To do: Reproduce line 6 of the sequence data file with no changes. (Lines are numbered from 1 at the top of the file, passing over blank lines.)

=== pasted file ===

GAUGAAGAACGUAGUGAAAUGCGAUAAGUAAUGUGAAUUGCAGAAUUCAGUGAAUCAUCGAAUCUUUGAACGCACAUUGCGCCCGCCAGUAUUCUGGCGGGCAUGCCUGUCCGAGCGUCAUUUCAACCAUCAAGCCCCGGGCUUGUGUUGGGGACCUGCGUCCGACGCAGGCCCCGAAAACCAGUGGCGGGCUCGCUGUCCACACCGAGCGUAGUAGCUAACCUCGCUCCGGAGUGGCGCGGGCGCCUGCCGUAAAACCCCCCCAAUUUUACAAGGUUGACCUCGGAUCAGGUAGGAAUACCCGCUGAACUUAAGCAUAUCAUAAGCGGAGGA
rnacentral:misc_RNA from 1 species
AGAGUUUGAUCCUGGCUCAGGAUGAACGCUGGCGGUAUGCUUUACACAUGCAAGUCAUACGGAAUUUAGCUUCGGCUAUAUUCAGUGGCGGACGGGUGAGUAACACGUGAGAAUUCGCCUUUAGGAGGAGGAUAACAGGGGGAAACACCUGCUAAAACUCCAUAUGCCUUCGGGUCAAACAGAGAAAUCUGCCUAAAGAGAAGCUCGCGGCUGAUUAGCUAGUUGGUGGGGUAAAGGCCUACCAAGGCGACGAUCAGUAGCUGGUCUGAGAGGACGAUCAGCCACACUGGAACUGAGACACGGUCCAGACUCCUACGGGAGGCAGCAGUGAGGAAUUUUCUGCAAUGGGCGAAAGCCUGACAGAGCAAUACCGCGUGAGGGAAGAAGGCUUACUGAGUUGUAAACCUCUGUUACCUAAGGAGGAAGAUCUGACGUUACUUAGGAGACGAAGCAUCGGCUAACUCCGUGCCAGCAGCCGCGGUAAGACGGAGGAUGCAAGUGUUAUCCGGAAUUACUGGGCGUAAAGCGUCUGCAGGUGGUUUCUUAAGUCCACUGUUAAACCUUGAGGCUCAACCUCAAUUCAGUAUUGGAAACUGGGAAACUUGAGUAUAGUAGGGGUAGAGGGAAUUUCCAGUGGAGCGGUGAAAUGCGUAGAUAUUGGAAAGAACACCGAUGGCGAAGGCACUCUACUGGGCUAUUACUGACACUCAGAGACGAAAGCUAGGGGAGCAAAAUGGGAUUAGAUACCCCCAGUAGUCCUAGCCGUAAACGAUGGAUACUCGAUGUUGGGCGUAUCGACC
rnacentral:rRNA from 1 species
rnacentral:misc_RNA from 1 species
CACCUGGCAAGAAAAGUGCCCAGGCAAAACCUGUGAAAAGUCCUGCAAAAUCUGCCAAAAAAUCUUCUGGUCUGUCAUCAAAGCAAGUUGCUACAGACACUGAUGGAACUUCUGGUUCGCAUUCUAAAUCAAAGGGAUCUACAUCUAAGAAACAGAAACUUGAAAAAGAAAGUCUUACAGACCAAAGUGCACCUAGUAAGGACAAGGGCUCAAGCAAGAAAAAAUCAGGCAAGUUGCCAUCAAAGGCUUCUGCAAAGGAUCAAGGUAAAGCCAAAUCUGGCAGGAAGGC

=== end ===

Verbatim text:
CACCUGGCAAGAAAAGUGCCCAGGCAAAACCUGUGAAAAGUCCUGCAAAAUCUGCCAAAAAAUCUUCUGGUCUGUCAUCAAAGCAAGUUGCUACAGACACUGAUGGAACUUCUGGUUCGCAUUCUAAAUCAAAGGGAUCUACAUCUAAGAAACAGAAACUUGAAAAAGAAAGUCUUACAGACCAAAGUGCACCUAGUAAGGACAAGGGCUCAAGCAAGAAAAAAUCAGGCAAGUUGCCAUCAAAGGCUUCUGCAAAGGAUCAAGGUAAAGCCAAAUCUGGCAGGAAGGC